A final yet supremely important observation remains to be addressed. The Modi government appears to harbour an inferiority complex in re the bureaucratic system. So far as I am concerned, I find Abhijit Iyer-Mitra’s observations compelling. He notes that the current government comprises of people who have had humble backgrounds, and who ipso facto must have seen the administrative services with utmost esteem and wonder. To the Modi government, therefore, the advice from bureaucrats is most sagacious. It cares little for opinions from policy analysts outside the civil services. Unfortunately, vast though the UPSC syllabus is, passing the examination with flying colours hardly ensures that the bureaucrats have specialized in those subjects. Au contraire, specialization is achieved only after recruitment. Abhijit notes that many bureaucrats lack precisely this. I would go so far as to say that those proponing “non-alignment” and “strategic autonomy” merely seek to use jargon in order to stay relevant.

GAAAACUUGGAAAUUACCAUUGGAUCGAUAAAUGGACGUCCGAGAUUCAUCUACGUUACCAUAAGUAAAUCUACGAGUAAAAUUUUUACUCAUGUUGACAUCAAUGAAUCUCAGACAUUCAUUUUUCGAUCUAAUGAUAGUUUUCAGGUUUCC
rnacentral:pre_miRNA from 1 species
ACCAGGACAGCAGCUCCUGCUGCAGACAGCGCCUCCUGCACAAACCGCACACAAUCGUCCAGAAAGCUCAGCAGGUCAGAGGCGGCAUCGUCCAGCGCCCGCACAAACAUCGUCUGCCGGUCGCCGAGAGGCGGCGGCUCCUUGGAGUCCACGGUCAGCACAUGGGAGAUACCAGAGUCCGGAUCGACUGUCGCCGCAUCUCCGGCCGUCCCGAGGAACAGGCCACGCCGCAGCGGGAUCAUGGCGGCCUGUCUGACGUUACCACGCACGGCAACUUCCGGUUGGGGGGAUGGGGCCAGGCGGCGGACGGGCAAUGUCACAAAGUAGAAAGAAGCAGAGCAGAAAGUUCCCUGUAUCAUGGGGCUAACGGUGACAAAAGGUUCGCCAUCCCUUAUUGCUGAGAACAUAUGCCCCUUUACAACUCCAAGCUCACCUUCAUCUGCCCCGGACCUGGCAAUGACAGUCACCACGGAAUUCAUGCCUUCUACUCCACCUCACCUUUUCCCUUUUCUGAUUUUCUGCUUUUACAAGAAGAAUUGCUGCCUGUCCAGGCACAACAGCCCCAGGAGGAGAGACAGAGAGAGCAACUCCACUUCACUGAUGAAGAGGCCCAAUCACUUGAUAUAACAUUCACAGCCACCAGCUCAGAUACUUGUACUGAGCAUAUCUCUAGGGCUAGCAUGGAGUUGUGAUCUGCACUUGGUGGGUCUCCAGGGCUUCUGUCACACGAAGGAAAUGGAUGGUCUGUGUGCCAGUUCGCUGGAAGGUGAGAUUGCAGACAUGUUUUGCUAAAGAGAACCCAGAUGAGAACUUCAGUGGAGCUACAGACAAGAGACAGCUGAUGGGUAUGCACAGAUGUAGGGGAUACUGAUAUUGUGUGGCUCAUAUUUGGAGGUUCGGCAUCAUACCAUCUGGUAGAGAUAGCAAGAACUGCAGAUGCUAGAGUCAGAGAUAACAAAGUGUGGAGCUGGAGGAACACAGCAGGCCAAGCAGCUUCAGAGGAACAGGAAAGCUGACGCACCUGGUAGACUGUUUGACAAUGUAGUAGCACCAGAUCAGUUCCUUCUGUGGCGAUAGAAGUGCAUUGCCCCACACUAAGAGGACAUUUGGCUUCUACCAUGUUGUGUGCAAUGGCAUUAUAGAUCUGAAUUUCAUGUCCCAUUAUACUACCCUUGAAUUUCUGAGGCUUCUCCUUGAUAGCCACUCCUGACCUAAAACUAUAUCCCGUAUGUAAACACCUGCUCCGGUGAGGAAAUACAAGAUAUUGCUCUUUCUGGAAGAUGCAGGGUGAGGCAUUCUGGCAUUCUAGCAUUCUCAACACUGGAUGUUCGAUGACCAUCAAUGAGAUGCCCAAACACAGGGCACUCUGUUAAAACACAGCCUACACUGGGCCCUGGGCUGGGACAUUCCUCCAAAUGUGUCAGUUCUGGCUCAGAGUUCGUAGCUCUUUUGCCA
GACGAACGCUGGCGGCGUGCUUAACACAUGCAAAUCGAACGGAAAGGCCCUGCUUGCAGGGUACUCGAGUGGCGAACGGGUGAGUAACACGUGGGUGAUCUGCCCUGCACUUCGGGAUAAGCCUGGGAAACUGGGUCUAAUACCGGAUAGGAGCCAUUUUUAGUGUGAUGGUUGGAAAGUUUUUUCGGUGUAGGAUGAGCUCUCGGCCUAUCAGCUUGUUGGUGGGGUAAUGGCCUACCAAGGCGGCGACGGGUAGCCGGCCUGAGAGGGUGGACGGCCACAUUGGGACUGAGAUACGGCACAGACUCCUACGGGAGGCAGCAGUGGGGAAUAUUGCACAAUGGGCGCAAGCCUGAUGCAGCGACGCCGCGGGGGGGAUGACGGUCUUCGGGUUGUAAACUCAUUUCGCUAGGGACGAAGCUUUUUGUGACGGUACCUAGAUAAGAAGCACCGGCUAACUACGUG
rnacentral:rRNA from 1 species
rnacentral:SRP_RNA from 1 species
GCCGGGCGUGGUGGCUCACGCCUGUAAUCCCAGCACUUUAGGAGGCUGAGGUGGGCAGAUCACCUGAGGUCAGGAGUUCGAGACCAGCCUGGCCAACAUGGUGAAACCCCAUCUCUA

An overhaul of an almost lackadaisical foreign policy with regard to China would, to some extent, necessitate lateral entry into the Foreign Service. It is of the essence for the policymakers to get rid of their inebriation and formulate a proactive policy without further ado.

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Samved Iyer
Samved Iyer
Eternal as evolution is, I cannot purport to have grown in thorough measure, and I am hopeful of augmenting my perspicacity in the company of beings far more erudite than me.